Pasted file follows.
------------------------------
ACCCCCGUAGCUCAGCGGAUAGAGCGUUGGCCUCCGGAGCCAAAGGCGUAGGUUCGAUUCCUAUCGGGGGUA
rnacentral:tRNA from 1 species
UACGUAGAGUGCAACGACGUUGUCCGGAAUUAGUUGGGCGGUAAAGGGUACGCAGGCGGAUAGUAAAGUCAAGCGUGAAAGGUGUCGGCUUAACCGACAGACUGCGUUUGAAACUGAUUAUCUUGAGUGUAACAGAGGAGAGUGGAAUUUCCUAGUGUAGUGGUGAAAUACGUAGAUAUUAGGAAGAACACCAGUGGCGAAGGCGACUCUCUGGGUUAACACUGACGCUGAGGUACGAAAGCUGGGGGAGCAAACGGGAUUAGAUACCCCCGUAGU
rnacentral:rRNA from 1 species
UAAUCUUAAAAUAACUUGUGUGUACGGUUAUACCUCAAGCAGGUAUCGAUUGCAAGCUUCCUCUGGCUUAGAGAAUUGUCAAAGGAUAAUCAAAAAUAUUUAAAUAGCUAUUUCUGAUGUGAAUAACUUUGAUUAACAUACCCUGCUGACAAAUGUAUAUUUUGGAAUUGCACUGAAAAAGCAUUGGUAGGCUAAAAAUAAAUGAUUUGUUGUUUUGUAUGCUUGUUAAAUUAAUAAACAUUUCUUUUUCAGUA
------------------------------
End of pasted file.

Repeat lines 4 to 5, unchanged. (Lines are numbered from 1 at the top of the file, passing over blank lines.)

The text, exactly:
rnacentral:rRNA from 1 species
UAAUCUUAAAAUAACUUGUGUGUACGGUUAUACCUCAAGCAGGUAUCGAUUGCAAGCUUCCUCUGGCUUAGAGAAUUGUCAAAGGAUAAUCAAAAAUAUUUAAAUAGCUAUUUCUGAUGUGAAUAACUUUGAUUAACAUACCCUGCUGACAAAUGUAUAUUUUGGAAUUGCACUGAAAAAGCAUUGGUAGGCUAAAAAUAAAUGAUUUGUUGUUUUGUAUGCUUGUUAAAUUAAUAAACAUUUCUUUUUCAGUA